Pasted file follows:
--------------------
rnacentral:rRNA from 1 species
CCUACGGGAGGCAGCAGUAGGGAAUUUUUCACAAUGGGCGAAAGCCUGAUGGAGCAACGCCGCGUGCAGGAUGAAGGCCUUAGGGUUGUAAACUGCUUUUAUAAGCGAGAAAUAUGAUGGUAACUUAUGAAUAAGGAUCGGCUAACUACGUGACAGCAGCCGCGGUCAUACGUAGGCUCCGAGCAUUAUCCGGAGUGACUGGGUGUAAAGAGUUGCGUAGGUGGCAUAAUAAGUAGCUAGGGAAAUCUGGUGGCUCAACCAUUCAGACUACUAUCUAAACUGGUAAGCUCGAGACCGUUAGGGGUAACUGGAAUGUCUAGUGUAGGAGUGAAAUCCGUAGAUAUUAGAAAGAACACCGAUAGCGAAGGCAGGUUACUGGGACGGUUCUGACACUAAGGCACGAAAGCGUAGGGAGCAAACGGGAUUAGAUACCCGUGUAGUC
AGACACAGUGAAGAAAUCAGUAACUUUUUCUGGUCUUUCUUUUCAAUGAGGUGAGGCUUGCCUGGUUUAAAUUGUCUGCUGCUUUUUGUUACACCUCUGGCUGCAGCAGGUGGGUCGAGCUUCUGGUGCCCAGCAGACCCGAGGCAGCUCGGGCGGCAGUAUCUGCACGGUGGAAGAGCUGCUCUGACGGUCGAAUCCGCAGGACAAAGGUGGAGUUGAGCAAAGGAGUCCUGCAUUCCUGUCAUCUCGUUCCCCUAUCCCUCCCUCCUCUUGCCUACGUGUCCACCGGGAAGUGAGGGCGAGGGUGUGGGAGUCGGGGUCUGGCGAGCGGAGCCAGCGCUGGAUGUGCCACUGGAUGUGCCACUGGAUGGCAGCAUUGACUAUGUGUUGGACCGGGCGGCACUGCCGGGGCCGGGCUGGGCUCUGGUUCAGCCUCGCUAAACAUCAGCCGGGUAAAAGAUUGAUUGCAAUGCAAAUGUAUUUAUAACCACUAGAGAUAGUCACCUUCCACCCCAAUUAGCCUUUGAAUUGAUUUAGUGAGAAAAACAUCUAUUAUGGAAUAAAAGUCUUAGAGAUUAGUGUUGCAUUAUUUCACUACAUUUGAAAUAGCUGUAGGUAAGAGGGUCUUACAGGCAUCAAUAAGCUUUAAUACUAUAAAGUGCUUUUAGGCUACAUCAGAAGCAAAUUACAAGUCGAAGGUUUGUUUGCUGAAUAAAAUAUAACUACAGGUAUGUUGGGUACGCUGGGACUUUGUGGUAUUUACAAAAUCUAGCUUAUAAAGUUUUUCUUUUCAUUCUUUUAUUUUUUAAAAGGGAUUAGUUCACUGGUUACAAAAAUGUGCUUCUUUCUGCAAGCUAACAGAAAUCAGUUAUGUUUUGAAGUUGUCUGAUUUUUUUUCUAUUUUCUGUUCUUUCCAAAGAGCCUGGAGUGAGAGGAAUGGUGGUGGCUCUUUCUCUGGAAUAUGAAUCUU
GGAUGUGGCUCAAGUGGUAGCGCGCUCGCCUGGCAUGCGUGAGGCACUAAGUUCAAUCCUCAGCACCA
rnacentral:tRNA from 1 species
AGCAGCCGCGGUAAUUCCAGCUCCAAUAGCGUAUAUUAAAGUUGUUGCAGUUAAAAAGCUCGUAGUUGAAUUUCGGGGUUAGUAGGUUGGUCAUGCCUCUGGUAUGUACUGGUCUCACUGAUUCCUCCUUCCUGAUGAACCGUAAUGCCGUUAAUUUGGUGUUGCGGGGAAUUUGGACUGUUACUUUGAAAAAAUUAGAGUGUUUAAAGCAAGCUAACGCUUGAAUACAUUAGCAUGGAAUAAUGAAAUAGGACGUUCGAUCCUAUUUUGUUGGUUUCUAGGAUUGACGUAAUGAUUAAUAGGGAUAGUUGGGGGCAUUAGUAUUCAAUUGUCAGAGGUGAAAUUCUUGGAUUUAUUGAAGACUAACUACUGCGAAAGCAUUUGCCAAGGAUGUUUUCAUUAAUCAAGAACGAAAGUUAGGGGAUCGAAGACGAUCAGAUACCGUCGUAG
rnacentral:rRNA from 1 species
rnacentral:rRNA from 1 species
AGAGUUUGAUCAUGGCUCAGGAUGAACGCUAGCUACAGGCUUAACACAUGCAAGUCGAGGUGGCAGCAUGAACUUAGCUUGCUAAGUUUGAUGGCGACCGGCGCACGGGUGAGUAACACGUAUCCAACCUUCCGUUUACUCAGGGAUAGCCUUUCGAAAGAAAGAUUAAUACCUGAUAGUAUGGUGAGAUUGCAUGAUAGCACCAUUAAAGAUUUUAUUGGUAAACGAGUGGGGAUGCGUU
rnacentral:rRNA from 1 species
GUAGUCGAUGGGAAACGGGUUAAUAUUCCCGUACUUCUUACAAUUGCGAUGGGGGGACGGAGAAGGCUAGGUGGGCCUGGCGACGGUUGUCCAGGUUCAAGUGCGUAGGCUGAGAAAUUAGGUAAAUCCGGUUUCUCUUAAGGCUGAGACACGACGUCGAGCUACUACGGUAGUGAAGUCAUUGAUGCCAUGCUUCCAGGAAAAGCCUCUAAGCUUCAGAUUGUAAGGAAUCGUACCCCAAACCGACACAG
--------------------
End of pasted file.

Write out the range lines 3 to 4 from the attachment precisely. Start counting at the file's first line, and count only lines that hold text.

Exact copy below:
AGACACAGUGAAGAAAUCAGUAACUUUUUCUGGUCUUUCUUUUCAAUGAGGUGAGGCUUGCCUGGUUUAAAUUGUCUGCUGCUUUUUGUUACACCUCUGGCUGCAGCAGGUGGGUCGAGCUUCUGGUGCCCAGCAGACCCGAGGCAGCUCGGGCGGCAGUAUCUGCACGGUGGAAGAGCUGCUCUGACGGUCGAAUCCGCAGGACAAAGGUGGAGUUGAGCAAAGGAGUCCUGCAUUCCUGUCAUCUCGUUCCCCUAUCCCUCCCUCCUCUUGCCUACGUGUCCACCGGGAAGUGAGGGCGAGGGUGUGGGAGUCGGGGUCUGGCGAGCGGAGCCAGCGCUGGAUGUGCCACUGGAUGUGCCACUGGAUGGCAGCAUUGACUAUGUGUUGGACCGGGCGGCACUGCCGGGGCCGGGCUGGGCUCUGGUUCAGCCUCGCUAAACAUCAGCCGGGUAAAAGAUUGAUUGCAAUGCAAAUGUAUUUAUAACCACUAGAGAUAGUCACCUUCCACCCCAAUUAGCCUUUGAAUUGAUUUAGUGAGAAAAACAUCUAUUAUGGAAUAAAAGUCUUAGAGAUUAGUGUUGCAUUAUUUCACUACAUUUGAAAUAGCUGUAGGUAAGAGGGUCUUACAGGCAUCAAUAAGCUUUAAUACUAUAAAGUGCUUUUAGGCUACAUCAGAAGCAAAUUACAAGUCGAAGGUUUGUUUGCUGAAUAAAAUAUAACUACAGGUAUGUUGGGUACGCUGGGACUUUGUGGUAUUUACAAAAUCUAGCUUAUAAAGUUUUUCUUUUCAUUCUUUUAUUUUUUAAAAGGGAUUAGUUCACUGGUUACAAAAAUGUGCUUCUUUCUGCAAGCUAACAGAAAUCAGUUAUGUUUUGAAGUUGUCUGAUUUUUUUUCUAUUUUCUGUUCUUUCCAAAGAGCCUGGAGUGAGAGGAAUGGUGGUGGCUCUUUCUCUGGAAUAUGAAUCUU
GGAUGUGGCUCAAGUGGUAGCGCGCUCGCCUGGCAUGCGUGAGGCACUAAGUUCAAUCCUCAGCACCA